The Cottages Blog

How Medications Are Managed in an Assisted Living Community

Posted by Regina Lawler on May 20, 2016 9:00:00 AM


Many assisted living residents take several medications, and they usually have more than one prescribing doctor as well. The benefits of medications, when used as directed, greatly outweigh the risks. Medications improve the quality of residents’ lives and help give them more freedom by alleviating symptoms and ailments that could otherwise leave them unable to perform the actions of daily life. However, with medication use comes the possibility of adverse drug reactions and drug interactions, and if medications are not taken correctly, there could be disastrous results. Ensuring proper medication management is a challenging, essential part of caring for the seniors who live in an assisted living community.

Managing Medications

In an assisted living community, if residents can safely manage their medications and their physician agrees, they have the option to self-administer their medications. They can have specially trained staff assist in the process if necessary. At a specialty care assisted living community for residents with Alzheimer’s, dementia, or other special care needs, a nurse will administer the medications. At the Cottages, residents who self-administer are expected to know when to take their medications, if they have taken them, and they should be able to verify the drug names on their medication packs. Residents who are assisted in taking their medications verify their names on the medication packs before staff help administer the drugs.

Because several people are involved in prescribing and in assisting administering medications to residents, education, communication, and coordination are key to proper medication management. If the staff are asked to assist with a resident’s medications, the resident must use the Cottages’ pharmacy to avoid having to coordinate multiple pharmacies. The pharmacy checks for possible drug interactions and allergies specific to each resident and then packs the medications into individual packets.

While the resident and the staff at an assisted living community should be knowledgeable about a resident’s medications, it is just as important for the resident’s family members and loved ones to know the details of their senior’s medical history as well. Loved ones should know which doctors the resident visits and which medications they are currently taking. As an informed loved one, you can step in when needed and help connect the assisted living staff to the proper doctors or information. Learn more about ways you can help Mom manage her medications.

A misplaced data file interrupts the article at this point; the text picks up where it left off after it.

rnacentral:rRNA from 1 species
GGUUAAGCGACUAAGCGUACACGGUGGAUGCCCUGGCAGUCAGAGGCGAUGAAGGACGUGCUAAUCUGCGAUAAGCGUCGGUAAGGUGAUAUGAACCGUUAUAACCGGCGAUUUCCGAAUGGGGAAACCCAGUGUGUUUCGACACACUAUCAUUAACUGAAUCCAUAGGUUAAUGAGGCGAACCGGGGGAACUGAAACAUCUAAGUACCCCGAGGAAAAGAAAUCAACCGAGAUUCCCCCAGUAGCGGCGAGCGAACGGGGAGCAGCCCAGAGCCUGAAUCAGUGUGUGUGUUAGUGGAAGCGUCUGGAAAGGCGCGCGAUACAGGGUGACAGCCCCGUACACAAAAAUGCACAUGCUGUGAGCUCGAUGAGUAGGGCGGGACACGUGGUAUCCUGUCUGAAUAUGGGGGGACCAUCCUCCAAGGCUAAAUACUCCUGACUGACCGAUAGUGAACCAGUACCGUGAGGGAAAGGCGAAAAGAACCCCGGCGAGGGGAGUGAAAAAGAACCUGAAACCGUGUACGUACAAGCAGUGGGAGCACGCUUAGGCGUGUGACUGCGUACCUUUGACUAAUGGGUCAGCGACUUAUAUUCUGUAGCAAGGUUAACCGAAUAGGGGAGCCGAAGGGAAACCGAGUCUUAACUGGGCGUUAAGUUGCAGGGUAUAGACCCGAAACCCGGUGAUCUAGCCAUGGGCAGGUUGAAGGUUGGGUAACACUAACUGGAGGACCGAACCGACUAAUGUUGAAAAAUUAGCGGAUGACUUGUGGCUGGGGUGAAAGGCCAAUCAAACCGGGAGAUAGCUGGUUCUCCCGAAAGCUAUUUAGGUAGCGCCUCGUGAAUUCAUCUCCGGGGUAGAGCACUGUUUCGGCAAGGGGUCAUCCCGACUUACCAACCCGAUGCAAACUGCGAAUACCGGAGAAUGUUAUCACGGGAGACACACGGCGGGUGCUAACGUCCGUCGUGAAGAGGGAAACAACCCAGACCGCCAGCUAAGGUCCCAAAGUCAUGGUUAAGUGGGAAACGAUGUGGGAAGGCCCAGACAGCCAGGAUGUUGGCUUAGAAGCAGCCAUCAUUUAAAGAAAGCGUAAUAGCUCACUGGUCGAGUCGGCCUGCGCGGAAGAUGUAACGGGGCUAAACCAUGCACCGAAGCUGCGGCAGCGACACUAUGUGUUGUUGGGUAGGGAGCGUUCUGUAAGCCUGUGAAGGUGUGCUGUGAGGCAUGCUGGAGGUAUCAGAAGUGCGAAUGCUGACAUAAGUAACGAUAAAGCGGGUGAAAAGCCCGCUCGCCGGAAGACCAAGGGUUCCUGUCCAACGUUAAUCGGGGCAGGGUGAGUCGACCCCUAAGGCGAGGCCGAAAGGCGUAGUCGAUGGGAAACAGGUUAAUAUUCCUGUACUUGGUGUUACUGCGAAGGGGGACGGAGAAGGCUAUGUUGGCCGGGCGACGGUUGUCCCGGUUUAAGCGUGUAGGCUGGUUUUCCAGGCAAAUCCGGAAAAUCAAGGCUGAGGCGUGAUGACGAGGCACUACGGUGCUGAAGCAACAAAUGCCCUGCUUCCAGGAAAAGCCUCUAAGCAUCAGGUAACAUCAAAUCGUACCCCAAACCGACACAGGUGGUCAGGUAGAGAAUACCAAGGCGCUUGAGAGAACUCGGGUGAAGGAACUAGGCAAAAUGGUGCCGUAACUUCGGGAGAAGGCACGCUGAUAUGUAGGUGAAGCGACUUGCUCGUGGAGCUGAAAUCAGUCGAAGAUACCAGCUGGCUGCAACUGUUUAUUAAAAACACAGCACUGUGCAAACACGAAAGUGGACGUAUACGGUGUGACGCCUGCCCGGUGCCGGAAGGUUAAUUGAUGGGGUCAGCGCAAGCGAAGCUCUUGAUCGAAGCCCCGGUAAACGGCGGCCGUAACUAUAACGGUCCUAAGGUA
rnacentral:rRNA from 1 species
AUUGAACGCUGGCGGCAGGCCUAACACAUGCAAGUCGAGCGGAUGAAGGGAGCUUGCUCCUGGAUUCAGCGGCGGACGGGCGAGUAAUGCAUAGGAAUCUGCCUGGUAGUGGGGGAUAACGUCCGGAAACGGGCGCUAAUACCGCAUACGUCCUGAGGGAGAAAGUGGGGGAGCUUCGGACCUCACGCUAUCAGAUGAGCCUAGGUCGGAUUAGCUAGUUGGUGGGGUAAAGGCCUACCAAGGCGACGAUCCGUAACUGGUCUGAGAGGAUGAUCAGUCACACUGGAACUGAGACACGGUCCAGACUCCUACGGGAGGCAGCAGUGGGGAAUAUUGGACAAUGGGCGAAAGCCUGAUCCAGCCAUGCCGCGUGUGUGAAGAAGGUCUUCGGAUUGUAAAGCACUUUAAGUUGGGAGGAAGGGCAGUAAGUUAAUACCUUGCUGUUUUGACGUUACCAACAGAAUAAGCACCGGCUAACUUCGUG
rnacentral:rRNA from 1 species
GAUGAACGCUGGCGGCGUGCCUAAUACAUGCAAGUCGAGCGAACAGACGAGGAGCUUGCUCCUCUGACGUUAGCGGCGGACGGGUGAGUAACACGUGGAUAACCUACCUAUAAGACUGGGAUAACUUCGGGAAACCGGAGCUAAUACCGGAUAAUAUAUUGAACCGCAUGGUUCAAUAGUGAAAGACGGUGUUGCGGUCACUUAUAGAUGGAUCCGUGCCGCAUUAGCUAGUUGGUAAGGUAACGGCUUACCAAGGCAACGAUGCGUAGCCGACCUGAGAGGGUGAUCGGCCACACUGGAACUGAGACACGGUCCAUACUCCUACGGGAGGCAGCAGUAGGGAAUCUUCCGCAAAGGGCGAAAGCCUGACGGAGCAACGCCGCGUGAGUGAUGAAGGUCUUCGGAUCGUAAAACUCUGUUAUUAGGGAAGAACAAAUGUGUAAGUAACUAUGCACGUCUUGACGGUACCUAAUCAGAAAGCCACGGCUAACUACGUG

Asking Questions

Licensed assisted living communities have rules and precautions in place to protect their residents from medication errors. Staff are knowledgeable about and trained in assisting with medication management. The best way that you can help prevent medication errors involving your loved one is to ask questions and to learn about the process of medication management at the assisted living community. You should be able to request an outline of your loved one’s community’s medication management policies. If your senior or loved one is touring an assisted living community soon, here are some questions that you might want to ask while you are there:

  • Are residents allowed to self-administer prescriptions if they want?
  • If a doctor is not available on site, how are adverse drug reactions detected and handled?
  • How does your staff document which medications and what dosages were given at what times?
  • Are residents’ medications cross-referenced for specific allergies or possible adverse drug interactions?
  • Is the community's medication management process routinely reviewed and improved upon when necessary?




Topics: Senior Safety

Regina Lawler

Written by: Regina Lawler

Regina Lawler, Resident Services Director, has worked at Country Cottage since the first day the doors opened. She began as a Homemaker before being quickly promoted to Coordinator and then to Resident Services Director. Regina feels she has found her “place in life” and says “I will be here long after I’m old enough to be one of the residents. I love my residents as if they were my own family.” Regina has her Assisted Living Administrator’s License and Assisted Living Federation Association’s National Lifetime Administrative Certificate. Regina grew up in the Mount Hebron Community and attends North Russellville Baptist Church. She has been married to Perry Lawler for 32 years and has one son. In her spare time, she enjoys walking and cross-stitching.